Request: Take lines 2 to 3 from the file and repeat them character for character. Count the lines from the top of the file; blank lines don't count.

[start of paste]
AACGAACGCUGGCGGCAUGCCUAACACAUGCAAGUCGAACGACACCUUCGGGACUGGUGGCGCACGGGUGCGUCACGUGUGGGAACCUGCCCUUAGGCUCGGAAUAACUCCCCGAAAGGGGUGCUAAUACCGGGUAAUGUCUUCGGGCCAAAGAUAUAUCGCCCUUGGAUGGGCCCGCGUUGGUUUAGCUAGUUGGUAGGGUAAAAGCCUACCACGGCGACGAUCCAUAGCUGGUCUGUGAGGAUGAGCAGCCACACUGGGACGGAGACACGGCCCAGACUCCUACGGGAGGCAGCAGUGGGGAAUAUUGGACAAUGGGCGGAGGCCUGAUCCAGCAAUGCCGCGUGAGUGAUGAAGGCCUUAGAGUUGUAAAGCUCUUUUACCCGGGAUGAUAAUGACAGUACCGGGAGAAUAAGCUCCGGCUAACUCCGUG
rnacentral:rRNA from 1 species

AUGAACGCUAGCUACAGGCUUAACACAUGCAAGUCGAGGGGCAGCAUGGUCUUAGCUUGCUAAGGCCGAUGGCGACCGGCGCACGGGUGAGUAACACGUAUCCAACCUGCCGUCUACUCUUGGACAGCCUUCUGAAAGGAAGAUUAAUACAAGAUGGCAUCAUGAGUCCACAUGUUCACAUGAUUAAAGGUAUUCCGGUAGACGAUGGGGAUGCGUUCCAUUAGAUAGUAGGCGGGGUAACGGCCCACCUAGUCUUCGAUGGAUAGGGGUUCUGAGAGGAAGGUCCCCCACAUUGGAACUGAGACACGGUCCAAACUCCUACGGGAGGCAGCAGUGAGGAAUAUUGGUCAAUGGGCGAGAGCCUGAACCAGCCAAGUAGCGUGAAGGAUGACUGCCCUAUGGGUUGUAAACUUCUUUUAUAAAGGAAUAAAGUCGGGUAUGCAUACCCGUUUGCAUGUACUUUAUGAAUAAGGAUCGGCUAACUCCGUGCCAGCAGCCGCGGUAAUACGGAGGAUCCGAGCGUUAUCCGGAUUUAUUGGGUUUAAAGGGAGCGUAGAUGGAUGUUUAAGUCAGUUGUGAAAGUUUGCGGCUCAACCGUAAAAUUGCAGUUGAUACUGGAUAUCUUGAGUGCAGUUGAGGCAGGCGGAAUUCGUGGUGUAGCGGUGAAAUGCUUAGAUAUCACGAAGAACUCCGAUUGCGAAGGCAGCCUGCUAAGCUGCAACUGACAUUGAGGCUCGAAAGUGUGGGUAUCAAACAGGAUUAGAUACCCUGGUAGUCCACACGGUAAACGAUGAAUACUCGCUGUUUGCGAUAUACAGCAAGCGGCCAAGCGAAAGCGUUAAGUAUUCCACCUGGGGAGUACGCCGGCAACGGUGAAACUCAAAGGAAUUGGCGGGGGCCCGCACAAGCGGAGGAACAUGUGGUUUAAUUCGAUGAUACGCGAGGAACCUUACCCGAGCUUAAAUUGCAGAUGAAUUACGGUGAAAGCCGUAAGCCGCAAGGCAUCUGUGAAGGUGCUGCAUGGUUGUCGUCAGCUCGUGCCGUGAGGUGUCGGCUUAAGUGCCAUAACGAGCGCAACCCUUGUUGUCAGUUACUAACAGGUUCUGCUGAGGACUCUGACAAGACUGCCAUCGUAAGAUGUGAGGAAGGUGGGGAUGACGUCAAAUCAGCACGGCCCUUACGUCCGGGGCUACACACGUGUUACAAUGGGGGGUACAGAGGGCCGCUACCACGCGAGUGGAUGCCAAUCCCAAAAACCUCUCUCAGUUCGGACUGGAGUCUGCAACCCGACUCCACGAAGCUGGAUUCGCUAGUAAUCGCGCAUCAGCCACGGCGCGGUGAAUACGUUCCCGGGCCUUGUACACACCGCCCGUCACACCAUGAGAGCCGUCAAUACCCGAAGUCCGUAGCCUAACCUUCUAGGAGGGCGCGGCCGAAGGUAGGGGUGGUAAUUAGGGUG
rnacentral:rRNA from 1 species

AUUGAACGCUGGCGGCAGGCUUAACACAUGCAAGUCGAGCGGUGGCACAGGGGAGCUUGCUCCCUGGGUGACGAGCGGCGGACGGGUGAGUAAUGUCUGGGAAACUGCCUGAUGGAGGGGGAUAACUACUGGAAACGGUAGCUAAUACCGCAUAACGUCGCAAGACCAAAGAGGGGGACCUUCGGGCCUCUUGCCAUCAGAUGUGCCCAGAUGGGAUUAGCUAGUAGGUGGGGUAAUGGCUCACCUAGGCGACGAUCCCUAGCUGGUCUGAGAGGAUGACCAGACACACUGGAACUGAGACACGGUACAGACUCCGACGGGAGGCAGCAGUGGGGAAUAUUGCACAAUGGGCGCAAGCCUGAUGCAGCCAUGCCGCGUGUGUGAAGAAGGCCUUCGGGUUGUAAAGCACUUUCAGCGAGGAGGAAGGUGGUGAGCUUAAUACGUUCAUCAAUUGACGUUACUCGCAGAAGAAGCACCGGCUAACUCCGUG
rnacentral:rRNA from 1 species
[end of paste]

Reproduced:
rnacentral:rRNA from 1 species

AUGAACGCUAGCUACAGGCUUAACACAUGCAAGUCGAGGGGCAGCAUGGUCUUAGCUUGCUAAGGCCGAUGGCGACCGGCGCACGGGUGAGUAACACGUAUCCAACCUGCCGUCUACUCUUGGACAGCCUUCUGAAAGGAAGAUUAAUACAAGAUGGCAUCAUGAGUCCACAUGUUCACAUGAUUAAAGGUAUUCCGGUAGACGAUGGGGAUGCGUUCCAUUAGAUAGUAGGCGGGGUAACGGCCCACCUAGUCUUCGAUGGAUAGGGGUUCUGAGAGGAAGGUCCCCCACAUUGGAACUGAGACACGGUCCAAACUCCUACGGGAGGCAGCAGUGAGGAAUAUUGGUCAAUGGGCGAGAGCCUGAACCAGCCAAGUAGCGUGAAGGAUGACUGCCCUAUGGGUUGUAAACUUCUUUUAUAAAGGAAUAAAGUCGGGUAUGCAUACCCGUUUGCAUGUACUUUAUGAAUAAGGAUCGGCUAACUCCGUGCCAGCAGCCGCGGUAAUACGGAGGAUCCGAGCGUUAUCCGGAUUUAUUGGGUUUAAAGGGAGCGUAGAUGGAUGUUUAAGUCAGUUGUGAAAGUUUGCGGCUCAACCGUAAAAUUGCAGUUGAUACUGGAUAUCUUGAGUGCAGUUGAGGCAGGCGGAAUUCGUGGUGUAGCGGUGAAAUGCUUAGAUAUCACGAAGAACUCCGAUUGCGAAGGCAGCCUGCUAAGCUGCAACUGACAUUGAGGCUCGAAAGUGUGGGUAUCAAACAGGAUUAGAUACCCUGGUAGUCCACACGGUAAACGAUGAAUACUCGCUGUUUGCGAUAUACAGCAAGCGGCCAAGCGAAAGCGUUAAGUAUUCCACCUGGGGAGUACGCCGGCAACGGUGAAACUCAAAGGAAUUGGCGGGGGCCCGCACAAGCGGAGGAACAUGUGGUUUAAUUCGAUGAUACGCGAGGAACCUUACCCGAGCUUAAAUUGCAGAUGAAUUACGGUGAAAGCCGUAAGCCGCAAGGCAUCUGUGAAGGUGCUGCAUGGUUGUCGUCAGCUCGUGCCGUGAGGUGUCGGCUUAAGUGCCAUAACGAGCGCAACCCUUGUUGUCAGUUACUAACAGGUUCUGCUGAGGACUCUGACAAGACUGCCAUCGUAAGAUGUGAGGAAGGUGGGGAUGACGUCAAAUCAGCACGGCCCUUACGUCCGGGGCUACACACGUGUUACAAUGGGGGGUACAGAGGGCCGCUACCACGCGAGUGGAUGCCAAUCCCAAAAACCUCUCUCAGUUCGGACUGGAGUCUGCAACCCGACUCCACGAAGCUGGAUUCGCUAGUAAUCGCGCAUCAGCCACGGCGCGGUGAAUACGUUCCCGGGCCUUGUACACACCGCCCGUCACACCAUGAGAGCCGUCAAUACCCGAAGUCCGUAGCCUAACCUUCUAGGAGGGCGCGGCCGAAGGUAGGGGUGGUAAUUAGGGUG